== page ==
I’ve known ever since I was a young boy that I was attracted to girls. I love the female form: their curves, their voices, their faces, their hair, even their hands and feet. I know this is not a courageous thing for a man to admit. It reminds me of the Onion headline: “Area Man Has Naked Lady Fetish.” But it is from this perspective that I would like to examine why I am such a staunch advocate for gay rights.
As a liberal, there are lots of issues that I can get behind. I could attend anti-war protests. I could rail against genetically modified food. I could get all up in your face about the PATRIOT Act. Yeah, I care about those things, but they’re not issues that I’m passionate about. The issue that really sticks in my craw, the one that gets my blood pumping, is why homosexuals don’t have full legal rights in this country. This, despite the fact that there are many other issues that have a much more direct impact on my life. I mean, I never have to worry about the state or society recognizing my relationships. So why do I care so much?
The first time I realized that I did care was when I was in high school. Some friends speculated about whether a classmate of ours was gay or not. We discussed the evidence, which for 16-year-old boys was all assumptions and hearsay. Finally, I said, “So what? Would it change your opinion of him if he was gay?” They said, “Of course it would!”
To back up their position, they explained, “It’s a sin.”
Pul-leeeeze, as Dan Savage would say. These were guys who would have lied, cheated, and stolen if it would have gotten them laid, but start talking about dudes getting with dudes and they suddenly become paragons of piety? What I realized from that conversation was that, huh, I guess I did have an opinion about homosexuality. Or rather, I had an opinion about homophobia: I was against it.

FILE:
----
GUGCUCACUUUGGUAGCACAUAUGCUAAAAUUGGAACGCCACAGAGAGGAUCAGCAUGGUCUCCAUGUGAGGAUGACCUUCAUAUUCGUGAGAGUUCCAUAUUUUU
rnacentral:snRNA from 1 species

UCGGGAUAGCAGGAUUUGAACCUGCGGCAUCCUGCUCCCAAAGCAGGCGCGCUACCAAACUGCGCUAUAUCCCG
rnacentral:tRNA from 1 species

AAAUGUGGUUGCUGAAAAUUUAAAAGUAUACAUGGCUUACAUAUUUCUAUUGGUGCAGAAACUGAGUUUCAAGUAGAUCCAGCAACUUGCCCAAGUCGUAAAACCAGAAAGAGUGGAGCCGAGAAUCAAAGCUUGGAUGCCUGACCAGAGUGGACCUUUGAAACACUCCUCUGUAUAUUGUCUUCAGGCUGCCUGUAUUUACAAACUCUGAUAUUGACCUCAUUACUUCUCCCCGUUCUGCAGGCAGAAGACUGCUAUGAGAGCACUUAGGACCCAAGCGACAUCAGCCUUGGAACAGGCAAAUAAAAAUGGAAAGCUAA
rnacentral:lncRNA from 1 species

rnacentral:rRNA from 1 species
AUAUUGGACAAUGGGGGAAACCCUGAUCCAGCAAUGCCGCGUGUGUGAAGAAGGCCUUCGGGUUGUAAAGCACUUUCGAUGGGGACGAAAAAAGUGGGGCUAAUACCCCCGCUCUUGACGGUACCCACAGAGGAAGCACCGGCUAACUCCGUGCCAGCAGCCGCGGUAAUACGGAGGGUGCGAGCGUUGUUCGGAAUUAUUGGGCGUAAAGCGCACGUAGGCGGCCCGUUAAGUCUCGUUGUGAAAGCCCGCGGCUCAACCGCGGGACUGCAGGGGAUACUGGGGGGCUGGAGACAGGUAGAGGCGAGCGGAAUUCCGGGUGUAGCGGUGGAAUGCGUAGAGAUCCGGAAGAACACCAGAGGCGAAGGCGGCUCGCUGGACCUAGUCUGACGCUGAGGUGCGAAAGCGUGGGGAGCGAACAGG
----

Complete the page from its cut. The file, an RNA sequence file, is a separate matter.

A few years later, in college, there was a big controversy over a letter written to the school paper. Some deeply homophobic asshat wrote a screed against homosexuality, ending it with his wish that all gays would “move to California, get AIDS, and die.” This letter bothered me. A lot. I couldn’t stop thinking about how hateful and offensive it was. I lost sleep and stayed up late writing an impassioned response. Again, I had to ask myself, why did I care so much?
Of course, an obvious reason for my reaction would be that I was a closet-case myself. Who else would be so bothered about an issue that didn’t seem to concern him? It’s a question I’ve asked myself many times: am I gay? I even tried the clichéd “experimentation in college.” But I always came back to the same conclusion: I love women.
Over the years I have made many gay friends and have gotten involved in gay causes. I read gay books and go to gay lectures. Two of my favorite writers are David Sedaris and Dan Savage. I can’t explain my interest in gay culture, but it’s there. Despite my enduring interest in the ladies, I am a friend of the Friends of Dorothy.
A while back I was reading a book, Swish: My Quest to Become the Gayest Person Ever, by Joel Derfner. It’s a humorous book, but in one serious passage he explains how being gay affects everything he does. This line jumped out at me: “I believe that the desire to love or be loved is the strongest force on earth.”
If this is not literally true, it can certainly feel to two people in love that they can move the world. Not everyone values this power. Some people seek money or status. Some tend to spiritual pursuits. Some have a great need for social justice. And some of us believe, like a trite Beatles tune, that love is all you need. As a romantic, I count myself among the last group. I know the desire to love and be loved is the strongest force in my life.
Coming from that perspective, you can imagine how offensive it is to me that people would actively seek to prevent others from experiencing that power, from loving who they love. I consider the desire for companionship as much a part of the human condition as the need for food, shelter, and safety. To my mind, preventing people from exercising that desire is a form of abuse. It’s an affront to whatever god (or natural forces) gave us the capacity to love in the first place.
The most frustrating thing about this is, it is the civil rights issue that is the easiest to solve. It requires no effort or sacrifice. You don’t have to stop a war or solve hunger problems or build up an infrastructure. There is no practical impediment to denying gays civil rights. It doesn’t prevent straight people from living their lives exactly as they did before.
All you have to do is allow love. Recognize the power and value of it. Anyone who accepts the fundamental need for love in the human heart can’t close his mind to that.
For local resources on how to be an ally yourself, see the UP Center of Champaign County website: http://unitingpride.org/